Divorce Negotiation Rule Three - Do Not Give Deadlines
On occasion, I have received settlement proposals with "sunsets" of, for example, 5:00 p.m. on a particular Friday. A sunset is really a threat, an ultimatum, which brings out the type of response discussed in Rule Two. Usually, these are not great proposals anyway or there would be no need for the sunset. After all, if the proposal was really that great, it would speak for itself and there would be no need for the accompanying threat.
Where the other side gives a "Friday at 5 p.m." deadline, try the following response:
My client was going to accept your proposal on Friday when she noticed that it was 5:10 p.m. See you in court.
The other lawyer usually then calls me and offers to extend the deadline. I then take the opportunity to explain to the other lawyer that the issue is not the particular time, it is that I do not want to be given a deadline. Try this, for example:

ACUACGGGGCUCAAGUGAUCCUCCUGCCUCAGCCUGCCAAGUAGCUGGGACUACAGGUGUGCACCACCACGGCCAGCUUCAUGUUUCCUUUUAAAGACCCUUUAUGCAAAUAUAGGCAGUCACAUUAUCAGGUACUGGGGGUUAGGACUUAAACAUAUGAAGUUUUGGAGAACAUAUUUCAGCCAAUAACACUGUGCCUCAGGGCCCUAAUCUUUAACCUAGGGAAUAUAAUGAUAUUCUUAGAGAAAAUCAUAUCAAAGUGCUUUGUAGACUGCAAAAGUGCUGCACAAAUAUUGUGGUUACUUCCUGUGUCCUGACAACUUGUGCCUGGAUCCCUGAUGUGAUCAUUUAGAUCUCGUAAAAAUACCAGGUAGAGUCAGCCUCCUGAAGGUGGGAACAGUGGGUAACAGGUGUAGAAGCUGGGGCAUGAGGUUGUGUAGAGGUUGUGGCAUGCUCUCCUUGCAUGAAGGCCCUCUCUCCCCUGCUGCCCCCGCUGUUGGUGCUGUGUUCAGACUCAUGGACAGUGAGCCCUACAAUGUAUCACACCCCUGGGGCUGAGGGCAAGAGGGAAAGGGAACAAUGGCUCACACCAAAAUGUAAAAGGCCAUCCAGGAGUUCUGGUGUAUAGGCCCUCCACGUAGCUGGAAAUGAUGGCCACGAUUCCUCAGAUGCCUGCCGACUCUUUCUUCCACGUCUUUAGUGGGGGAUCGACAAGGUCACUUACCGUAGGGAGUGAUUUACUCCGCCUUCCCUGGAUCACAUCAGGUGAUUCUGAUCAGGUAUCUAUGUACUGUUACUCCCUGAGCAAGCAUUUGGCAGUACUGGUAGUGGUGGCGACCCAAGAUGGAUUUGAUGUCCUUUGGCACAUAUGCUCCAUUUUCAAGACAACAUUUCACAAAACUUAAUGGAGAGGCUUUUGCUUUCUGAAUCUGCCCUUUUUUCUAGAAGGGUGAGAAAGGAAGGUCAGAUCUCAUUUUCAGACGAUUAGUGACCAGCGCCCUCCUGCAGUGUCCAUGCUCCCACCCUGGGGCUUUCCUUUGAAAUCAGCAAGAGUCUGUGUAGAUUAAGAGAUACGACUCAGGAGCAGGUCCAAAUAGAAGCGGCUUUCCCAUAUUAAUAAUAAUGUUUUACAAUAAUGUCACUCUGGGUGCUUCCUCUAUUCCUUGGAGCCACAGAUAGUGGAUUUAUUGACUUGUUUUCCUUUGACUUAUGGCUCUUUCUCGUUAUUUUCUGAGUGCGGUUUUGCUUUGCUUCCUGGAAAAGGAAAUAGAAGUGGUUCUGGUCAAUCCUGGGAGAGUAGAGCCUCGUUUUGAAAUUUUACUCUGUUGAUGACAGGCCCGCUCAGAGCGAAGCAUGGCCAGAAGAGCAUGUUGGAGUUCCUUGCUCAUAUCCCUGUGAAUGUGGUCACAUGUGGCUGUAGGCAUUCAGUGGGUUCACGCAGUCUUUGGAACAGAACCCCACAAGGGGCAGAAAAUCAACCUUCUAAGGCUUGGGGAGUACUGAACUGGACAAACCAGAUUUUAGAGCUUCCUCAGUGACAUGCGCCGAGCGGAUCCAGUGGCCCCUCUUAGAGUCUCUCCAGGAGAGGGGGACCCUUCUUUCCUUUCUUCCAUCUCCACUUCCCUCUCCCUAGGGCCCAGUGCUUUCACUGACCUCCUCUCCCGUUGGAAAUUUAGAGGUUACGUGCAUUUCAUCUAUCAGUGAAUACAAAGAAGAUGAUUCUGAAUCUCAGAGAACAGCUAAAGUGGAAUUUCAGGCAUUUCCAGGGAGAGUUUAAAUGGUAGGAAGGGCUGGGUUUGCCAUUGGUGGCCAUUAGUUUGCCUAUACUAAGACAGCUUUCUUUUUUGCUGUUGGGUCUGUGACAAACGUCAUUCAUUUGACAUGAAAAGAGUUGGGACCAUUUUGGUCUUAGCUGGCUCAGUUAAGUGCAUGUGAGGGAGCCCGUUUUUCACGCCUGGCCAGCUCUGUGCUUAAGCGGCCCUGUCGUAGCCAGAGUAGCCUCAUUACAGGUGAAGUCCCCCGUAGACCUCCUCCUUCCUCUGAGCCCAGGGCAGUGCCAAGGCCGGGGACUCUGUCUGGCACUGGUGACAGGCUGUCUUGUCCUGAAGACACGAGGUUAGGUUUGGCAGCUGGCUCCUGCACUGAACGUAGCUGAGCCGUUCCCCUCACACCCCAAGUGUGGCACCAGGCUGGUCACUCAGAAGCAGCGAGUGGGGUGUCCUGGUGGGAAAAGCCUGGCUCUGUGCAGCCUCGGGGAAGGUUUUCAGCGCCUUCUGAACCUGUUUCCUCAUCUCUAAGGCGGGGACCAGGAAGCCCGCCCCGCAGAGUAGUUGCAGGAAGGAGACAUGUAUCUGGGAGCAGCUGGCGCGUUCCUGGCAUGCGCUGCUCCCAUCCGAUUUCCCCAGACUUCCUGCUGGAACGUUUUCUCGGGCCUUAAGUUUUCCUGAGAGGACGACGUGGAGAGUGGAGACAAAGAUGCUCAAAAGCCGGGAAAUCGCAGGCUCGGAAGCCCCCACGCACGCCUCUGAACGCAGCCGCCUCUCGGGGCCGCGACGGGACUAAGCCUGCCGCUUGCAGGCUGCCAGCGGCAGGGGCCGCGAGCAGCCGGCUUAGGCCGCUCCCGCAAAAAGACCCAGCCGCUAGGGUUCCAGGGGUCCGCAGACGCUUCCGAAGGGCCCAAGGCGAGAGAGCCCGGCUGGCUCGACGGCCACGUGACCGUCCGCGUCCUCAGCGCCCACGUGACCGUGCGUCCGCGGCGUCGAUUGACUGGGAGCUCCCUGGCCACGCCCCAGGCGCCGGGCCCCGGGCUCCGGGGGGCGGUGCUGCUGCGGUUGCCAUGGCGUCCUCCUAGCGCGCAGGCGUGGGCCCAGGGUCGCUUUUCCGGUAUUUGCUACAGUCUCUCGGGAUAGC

I promise that I won't threaten you during the settlement process, and I request that you don't threaten me.
Truth is, if the offer was that great for your client, they would not have had to resort to threats. And, if the offer was not that great, then nothing is lost by not responding. In any event, if you want the case settled, do not use deadlines any more than you would use any other type of threat or ultimatum.
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LEVERAGE FACTORS -- In divorce negotiations, each spouse may have considerations pertaining to the issues that are being disputed. For example, one leverage factor is, in whose interest is it to remain married longer? Answering this question can be a starting point of divorce negotiations because it creates leverage over the negotiations.
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